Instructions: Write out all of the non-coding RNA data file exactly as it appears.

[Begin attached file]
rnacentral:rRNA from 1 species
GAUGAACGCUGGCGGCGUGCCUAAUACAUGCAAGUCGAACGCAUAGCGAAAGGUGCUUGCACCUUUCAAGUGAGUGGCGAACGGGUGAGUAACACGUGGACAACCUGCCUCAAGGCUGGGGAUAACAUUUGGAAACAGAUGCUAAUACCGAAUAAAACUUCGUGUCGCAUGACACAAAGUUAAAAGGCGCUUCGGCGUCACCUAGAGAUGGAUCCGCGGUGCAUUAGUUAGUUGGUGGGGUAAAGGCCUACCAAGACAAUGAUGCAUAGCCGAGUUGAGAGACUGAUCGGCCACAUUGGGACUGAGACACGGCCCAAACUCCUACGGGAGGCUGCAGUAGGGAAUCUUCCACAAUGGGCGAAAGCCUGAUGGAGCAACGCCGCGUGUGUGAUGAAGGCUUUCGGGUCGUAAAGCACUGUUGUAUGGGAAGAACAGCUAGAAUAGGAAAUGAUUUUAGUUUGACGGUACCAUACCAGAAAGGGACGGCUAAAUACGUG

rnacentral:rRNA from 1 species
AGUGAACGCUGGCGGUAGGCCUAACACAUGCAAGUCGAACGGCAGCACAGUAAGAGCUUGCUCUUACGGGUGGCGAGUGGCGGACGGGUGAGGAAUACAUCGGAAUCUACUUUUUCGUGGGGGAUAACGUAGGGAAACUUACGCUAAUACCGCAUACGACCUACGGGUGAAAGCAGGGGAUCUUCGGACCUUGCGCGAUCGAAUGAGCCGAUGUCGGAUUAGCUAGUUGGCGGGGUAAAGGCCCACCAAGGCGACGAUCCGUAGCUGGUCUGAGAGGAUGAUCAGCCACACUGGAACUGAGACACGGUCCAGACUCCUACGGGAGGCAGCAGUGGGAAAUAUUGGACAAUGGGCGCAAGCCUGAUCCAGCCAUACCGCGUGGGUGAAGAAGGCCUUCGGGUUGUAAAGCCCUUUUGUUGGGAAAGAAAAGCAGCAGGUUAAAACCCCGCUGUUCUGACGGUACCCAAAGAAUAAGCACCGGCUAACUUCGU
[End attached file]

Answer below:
rnacentral:rRNA from 1 species
GAUGAACGCUGGCGGCGUGCCUAAUACAUGCAAGUCGAACGCAUAGCGAAAGGUGCUUGCACCUUUCAAGUGAGUGGCGAACGGGUGAGUAACACGUGGACAACCUGCCUCAAGGCUGGGGAUAACAUUUGGAAACAGAUGCUAAUACCGAAUAAAACUUCGUGUCGCAUGACACAAAGUUAAAAGGCGCUUCGGCGUCACCUAGAGAUGGAUCCGCGGUGCAUUAGUUAGUUGGUGGGGUAAAGGCCUACCAAGACAAUGAUGCAUAGCCGAGUUGAGAGACUGAUCGGCCACAUUGGGACUGAGACACGGCCCAAACUCCUACGGGAGGCUGCAGUAGGGAAUCUUCCACAAUGGGCGAAAGCCUGAUGGAGCAACGCCGCGUGUGUGAUGAAGGCUUUCGGGUCGUAAAGCACUGUUGUAUGGGAAGAACAGCUAGAAUAGGAAAUGAUUUUAGUUUGACGGUACCAUACCAGAAAGGGACGGCUAAAUACGUG

rnacentral:rRNA from 1 species
AGUGAACGCUGGCGGUAGGCCUAACACAUGCAAGUCGAACGGCAGCACAGUAAGAGCUUGCUCUUACGGGUGGCGAGUGGCGGACGGGUGAGGAAUACAUCGGAAUCUACUUUUUCGUGGGGGAUAACGUAGGGAAACUUACGCUAAUACCGCAUACGACCUACGGGUGAAAGCAGGGGAUCUUCGGACCUUGCGCGAUCGAAUGAGCCGAUGUCGGAUUAGCUAGUUGGCGGGGUAAAGGCCCACCAAGGCGACGAUCCGUAGCUGGUCUGAGAGGAUGAUCAGCCACACUGGAACUGAGACACGGUCCAGACUCCUACGGGAGGCAGCAGUGGGAAAUAUUGGACAAUGGGCGCAAGCCUGAUCCAGCCAUACCGCGUGGGUGAAGAAGGCCUUCGGGUUGUAAAGCCCUUUUGUUGGGAAAGAAAAGCAGCAGGUUAAAACCCCGCUGUUCUGACGGUACCCAAAGAAUAAGCACCGGCUAACUUCGU